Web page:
verb (used with object), parried, parrying.
to ward off (a thrust, stroke, weapon, etc.), as in fencing; avert.
to turn aside; evade or dodge: to parry an embarrassing question.
verb (used without object), parried, parrying.
to parry a thrust, blow, etc.
noun, plural parries.
an act or instance of parrying, as in fencing.
a defensive movement in fencing.

1665–75; < French parez, imperative of parer to ward off, set off < Latin parāre to set. See parade

parriable, adjective
parrier, noun
unparried, adjective
unparrying, adjective

2. avert; elude; prevent, obviate, preclude. Unabridged
Based on the Random House Dictionary, © Random House, Inc. 2014.
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World English Dictionary
parry (ˈpærɪ)
vb , -ries, -rying, -ried
1.  to ward off (an attack) by blocking or deflecting, as in fencing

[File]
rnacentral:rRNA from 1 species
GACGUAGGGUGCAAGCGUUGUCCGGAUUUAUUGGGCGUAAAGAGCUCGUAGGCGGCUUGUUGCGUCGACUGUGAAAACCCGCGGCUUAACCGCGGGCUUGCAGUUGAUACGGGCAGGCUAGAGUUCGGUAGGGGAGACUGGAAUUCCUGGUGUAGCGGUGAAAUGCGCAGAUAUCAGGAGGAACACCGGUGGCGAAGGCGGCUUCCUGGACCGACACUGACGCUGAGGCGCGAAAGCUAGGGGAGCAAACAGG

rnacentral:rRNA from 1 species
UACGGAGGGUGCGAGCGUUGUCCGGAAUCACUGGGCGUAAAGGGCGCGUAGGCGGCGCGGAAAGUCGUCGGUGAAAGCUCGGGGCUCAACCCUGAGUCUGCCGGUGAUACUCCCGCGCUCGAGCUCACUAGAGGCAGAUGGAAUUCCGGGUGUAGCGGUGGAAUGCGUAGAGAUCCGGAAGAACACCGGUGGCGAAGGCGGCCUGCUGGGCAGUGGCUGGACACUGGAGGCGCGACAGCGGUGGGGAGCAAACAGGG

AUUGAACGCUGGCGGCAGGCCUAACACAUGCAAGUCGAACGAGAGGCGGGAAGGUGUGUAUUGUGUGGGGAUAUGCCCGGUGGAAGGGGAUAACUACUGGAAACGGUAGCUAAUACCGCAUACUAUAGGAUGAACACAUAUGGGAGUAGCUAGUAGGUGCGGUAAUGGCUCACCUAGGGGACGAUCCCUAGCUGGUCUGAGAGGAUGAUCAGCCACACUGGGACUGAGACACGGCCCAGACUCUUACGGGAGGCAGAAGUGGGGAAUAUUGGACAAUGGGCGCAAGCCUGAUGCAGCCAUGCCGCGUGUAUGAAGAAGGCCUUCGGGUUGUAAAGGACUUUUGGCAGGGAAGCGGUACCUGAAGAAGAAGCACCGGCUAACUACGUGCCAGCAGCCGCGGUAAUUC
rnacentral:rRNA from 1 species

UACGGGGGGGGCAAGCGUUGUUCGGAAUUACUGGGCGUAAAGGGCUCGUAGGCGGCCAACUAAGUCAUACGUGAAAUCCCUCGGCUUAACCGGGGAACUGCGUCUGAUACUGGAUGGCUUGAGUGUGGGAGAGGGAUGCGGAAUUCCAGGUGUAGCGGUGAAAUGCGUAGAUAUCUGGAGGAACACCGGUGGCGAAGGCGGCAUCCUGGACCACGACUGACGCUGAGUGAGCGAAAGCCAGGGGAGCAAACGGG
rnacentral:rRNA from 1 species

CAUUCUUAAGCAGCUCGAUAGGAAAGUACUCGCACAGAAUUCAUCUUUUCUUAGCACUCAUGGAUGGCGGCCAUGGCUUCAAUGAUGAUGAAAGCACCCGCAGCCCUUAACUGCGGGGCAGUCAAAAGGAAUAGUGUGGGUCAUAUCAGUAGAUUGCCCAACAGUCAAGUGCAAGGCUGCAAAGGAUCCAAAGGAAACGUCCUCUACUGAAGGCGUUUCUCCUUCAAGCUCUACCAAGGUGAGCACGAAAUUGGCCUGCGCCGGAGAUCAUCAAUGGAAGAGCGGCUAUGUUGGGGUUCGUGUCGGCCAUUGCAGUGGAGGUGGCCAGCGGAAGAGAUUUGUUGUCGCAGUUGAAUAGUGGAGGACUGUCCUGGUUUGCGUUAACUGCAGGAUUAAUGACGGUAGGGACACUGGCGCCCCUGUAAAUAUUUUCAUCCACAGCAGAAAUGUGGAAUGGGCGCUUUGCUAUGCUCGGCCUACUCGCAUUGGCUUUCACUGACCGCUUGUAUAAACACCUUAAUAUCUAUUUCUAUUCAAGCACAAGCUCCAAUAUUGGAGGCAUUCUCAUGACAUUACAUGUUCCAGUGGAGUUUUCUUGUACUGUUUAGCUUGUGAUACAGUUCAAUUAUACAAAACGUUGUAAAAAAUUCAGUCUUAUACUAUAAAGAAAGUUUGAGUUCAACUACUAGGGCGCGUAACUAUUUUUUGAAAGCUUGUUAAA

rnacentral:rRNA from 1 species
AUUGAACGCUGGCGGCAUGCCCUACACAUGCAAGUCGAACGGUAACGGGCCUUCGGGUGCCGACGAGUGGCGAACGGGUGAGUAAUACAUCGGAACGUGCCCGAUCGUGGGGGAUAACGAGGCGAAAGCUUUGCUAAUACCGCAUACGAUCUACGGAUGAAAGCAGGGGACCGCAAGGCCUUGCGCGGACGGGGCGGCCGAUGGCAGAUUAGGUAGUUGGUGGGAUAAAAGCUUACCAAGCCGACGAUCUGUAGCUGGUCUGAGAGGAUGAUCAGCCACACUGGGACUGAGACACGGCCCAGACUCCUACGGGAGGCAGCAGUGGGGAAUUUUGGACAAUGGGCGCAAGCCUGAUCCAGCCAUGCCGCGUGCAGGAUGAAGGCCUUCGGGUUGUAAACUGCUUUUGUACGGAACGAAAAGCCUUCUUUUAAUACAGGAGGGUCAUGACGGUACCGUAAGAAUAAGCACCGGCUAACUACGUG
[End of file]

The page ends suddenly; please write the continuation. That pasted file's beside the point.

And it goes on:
2.  (tr) to evade (questions), esp adroitly
n , -ries, -rying, -ried, -ries
3.  an act of parrying, esp (in fencing) using a stroke or circular motion of the blade
4.  a skilful evasion, as of a question
[C17: from French parer to ward off, from Latin parāre to prepare]

Parry (ˈpærɪ)
1.  Sir (Charles) Hubert (Hastings). 1848--1918, English composer, noted esp for his choral works
2.  Sir William Edward. 1790--1855, English arctic explorer, who searched for the Northwest Passage (1819--25) and attempted to reach the North Pole (1827)

Collins English Dictionary - Complete & Unabridged 10th Edition
2009 © William Collins Sons & Co. Ltd. 1979, 1986 © HarperCollins
Publishers 1998, 2000, 2003, 2005, 2006, 2007, 2009
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Word Origin & History

1634, from Fr. parez! (which commonly would have been heard in fencing lessons), imper. of parer "ward off," from It. parare "to ward or defend a blow," from L. parare "make ready, prepare" (see pare). Non-fencing use is from 1718.
Online Etymology Dictionary, © 2010 Douglas Harper
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